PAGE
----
SNOWPEAK GIGAPOWER TI STOVE
TEST SERIES BY DAVID BRADISH
September 26, 2007
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Huntington Beach California USA
6' 2" (1.88 m)
170 lb (77.10 kg)
I started hiking in my teens in Arizona and New Mexico, primarily focusing on winter hiking. Since 1991 I have hiked a lot with my brother-in-law Ray mostly in California's Sierra Nevada range, and the southern mountains. In winter I bring as much gear as necessary to be safe and comfortable. For 3-season hiking I try to follow the principles of ultra light.
PRODUCT INFORMATION & SPECIFICATIONS
Manufacturer: Snow Peak
Web site: www.snowpeak.com
Product: Giga Power Auto stove
Year manufactured: 2007
MSRP: $ 49.95 (US).
Weight listed: 3.7 oz/105 g
Weight by me: same
Listed dimensions: 4-1/8" x 2-5/8"/105 x 66 mm
Dimensions by me: same
Closed dimensions: 1.75" x 3.25"/83 x 45 mm
The Snow Peak Giga Power Auto is a very small, compact self igniting canister stove. It came to me in the retail box containing the stove packed inside of its storage case and manuals printed in English and Japanese. The instructions are very thorough. The web site does not give much information about the stove, but it looked just like the picture. The stove has a claimed 10,000 BTU heat output and a boil time of 3 minutes and 48 seconds for 1 liter/quart of water to come to 95 C/203 F.
The stove is constructed from stainless steel aluminum and brass. A brass sleeved aluminum collar has a black gasket to help seal the unit to the fuel canister. Above it is the brass fuel valve that is controlled by a steel wire handle. This handle folds up for storage. When the handle is in the stored placement it is not in the off position. It needs to be fully closed before attaching to the canister.
Above the valve is the fuel air mixing chamber and then the mesh covered steel burner. Four 9 gauge steel pot supports fold away from the burner to make the cooking surface. The supports each have five grooves pressed into the ends of them to help keep pots from slipping. The stove appears to have been tested at the factory as the supports all have burn marks on the ends of them already.
Attached to the side of the stove is a self ignition unit. A grey plastic plunger activates the peizio electric generator which shoots an electric spark from the top of the electrode that sits next to the burner.
The stove fits inside of a cream colored hard plastic case. The 0.8 oz/23 g case closes with a snap on lid. It feels sturdy and seems like it will do a good job of protecting the stove in my pack. Time will tell.
The stove attaches to the fuel canister by simply screwing on. I have three kinds of fuel canisters including a couple of Snow Peak's own brand. The stove attaches to them all.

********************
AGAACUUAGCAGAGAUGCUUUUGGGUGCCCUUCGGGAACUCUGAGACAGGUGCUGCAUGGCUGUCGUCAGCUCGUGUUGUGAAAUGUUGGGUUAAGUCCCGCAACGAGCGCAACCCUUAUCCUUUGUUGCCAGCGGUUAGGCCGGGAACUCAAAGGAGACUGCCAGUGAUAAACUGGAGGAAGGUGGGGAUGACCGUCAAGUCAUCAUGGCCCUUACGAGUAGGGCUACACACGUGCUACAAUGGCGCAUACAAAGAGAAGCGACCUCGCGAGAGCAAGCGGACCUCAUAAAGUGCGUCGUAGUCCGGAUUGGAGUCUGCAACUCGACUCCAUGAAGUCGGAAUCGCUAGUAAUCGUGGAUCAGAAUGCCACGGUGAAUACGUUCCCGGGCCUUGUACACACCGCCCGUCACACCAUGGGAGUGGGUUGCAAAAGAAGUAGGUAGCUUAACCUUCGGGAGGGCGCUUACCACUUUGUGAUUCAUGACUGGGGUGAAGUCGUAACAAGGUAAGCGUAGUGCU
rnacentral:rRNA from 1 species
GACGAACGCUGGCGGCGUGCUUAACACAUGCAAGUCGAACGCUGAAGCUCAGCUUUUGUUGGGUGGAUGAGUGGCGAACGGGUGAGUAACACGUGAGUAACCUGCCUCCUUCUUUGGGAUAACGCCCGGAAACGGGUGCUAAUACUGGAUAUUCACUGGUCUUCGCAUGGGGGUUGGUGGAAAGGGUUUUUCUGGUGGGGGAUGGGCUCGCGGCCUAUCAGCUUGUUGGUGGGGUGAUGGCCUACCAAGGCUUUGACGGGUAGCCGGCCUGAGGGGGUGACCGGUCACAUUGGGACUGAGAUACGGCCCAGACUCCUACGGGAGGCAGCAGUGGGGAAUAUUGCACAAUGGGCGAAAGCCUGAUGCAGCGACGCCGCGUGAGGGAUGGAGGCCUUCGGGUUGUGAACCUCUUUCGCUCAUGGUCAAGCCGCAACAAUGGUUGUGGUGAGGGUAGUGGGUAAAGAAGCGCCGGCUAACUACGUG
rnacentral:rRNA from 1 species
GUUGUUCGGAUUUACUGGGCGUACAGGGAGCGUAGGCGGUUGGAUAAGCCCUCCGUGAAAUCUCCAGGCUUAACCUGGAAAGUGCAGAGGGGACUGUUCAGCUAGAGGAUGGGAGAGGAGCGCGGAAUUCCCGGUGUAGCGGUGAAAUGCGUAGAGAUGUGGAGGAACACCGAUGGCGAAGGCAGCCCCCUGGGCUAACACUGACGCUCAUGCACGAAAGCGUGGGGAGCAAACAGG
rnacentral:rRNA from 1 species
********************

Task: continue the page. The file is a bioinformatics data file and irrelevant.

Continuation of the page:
I timed a boil at near sea level inside of our offices to check the manufacturer's claims. I used 1 quart/liter of 65 F/18 C water in a titanium pot. It took 4 minutes to start boiling and 47 seconds more to come to a full rolling boil. I weighed the canister before and after to determine that it used 0.5 oz/14 g of fuel for the boil.
I will see how it performs in the field next week on a long trip in the high Sierra Nevada. This concludes my Initial Report.
FIELD LOCATIONS AND CONDITIONS
I took the Giga Power stove on a three night backpacking trip in Sequioa Kings Canyon National Park (SEKI). I also used it the night before in a campground by the trail head to make dinner and breakfast before the hike. The elevations it was used at ranged from 5100'/ m to 10500'/3200 m. The temperatures during use were from 40 F/5 C to 60 F/16 C. It was used a total of 11 times by me and my brother in law during the trip.
I took it on a two day backpacking trip to the eastern Sierra Nevada, and used it the evening before at the trailhead too. Elevations when used were both around 10000'/3050 m. The temperatures during use were from 40 F/5 C to 70 F/21 C
PERFORMANCE IN THE FIELD
On the day before the trip that we were going on I used the Giga Power to make dinner and breakfast at a campground called Sentinel in Cedar Grove of the Sequoia forest. Ray used it also as we were sharing the weight of it on our hike. This was the first use in the field and it worked great. There was a squirrel that decided to get a closer look at the Snow Peak stove.
The entire hike the stove fired up with the igniter every time. Even at 10500'/3200 m it fired with no problem. This made me happy as Ray is a lighter nut and has had so many peizio fired lighters that would not light once we were above 9000' or 10000'/3000 m. It is a good thing I always carry matches. I never needed them on this hike.